PUPILS should be banned from leaving school grounds during lunchtime to prevent them eating takeaways and junk food, public health experts have said.

The Glasgow Centre for Population Health (GCPH) made the call in response to Scottish Government plans to tackle obesity.

They said councils should consider 'onsite lunchtime policies' to stop youngsters eating takeaways or buying junk food.

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This would mean pupils were forbidden from leaving school premises unless they have express permission.

Figures show that 29 per cent of Scottish children and two-thirds of adults are overweight or obese.

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The GCPH experts said Scotland could follow the example of Sweden, where children also help prepare school meals.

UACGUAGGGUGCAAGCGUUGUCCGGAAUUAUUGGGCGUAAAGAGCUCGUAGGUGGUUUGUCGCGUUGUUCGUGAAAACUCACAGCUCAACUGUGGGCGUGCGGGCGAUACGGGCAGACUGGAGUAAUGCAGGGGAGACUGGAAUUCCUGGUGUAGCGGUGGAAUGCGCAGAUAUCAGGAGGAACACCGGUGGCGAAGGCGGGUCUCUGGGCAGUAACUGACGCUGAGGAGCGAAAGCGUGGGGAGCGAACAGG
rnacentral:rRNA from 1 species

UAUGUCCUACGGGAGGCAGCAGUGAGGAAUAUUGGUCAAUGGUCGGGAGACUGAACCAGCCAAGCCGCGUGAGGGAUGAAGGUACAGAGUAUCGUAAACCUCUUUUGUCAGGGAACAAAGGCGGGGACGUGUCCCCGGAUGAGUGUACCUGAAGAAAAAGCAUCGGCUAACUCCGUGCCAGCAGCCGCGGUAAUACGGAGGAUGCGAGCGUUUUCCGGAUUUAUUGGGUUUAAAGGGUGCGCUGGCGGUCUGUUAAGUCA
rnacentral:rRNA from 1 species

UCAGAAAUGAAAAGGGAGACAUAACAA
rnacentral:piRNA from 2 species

They wrote: "In our research exploring the nutritional quality of food sold from outlets around selected schools, we found that fast food bought outside school is of very poor nutritional value and high in fat salt.

"Encouraging pupils to stay onsite is therefore likely to result in an improvement in the nutritional quality of lunch.

"In addition, pupils eligible for free school meals are disadvantaged where there is a culture of leaving school to buy lunch.

"Onsite lunchtime policies have the dual benefits of providing healthier, affordable food options without stigmatising those not financially able to purchase off-site lunches.

"We would like a review of the approach to food in schools."

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The Scottish Government is currently considering responses to a public consultation on its obesity strategy, which has proposed measures such as a ban on junk food price promotions and forcing food retailers including restaurants and takeaways to display calorie information on menus.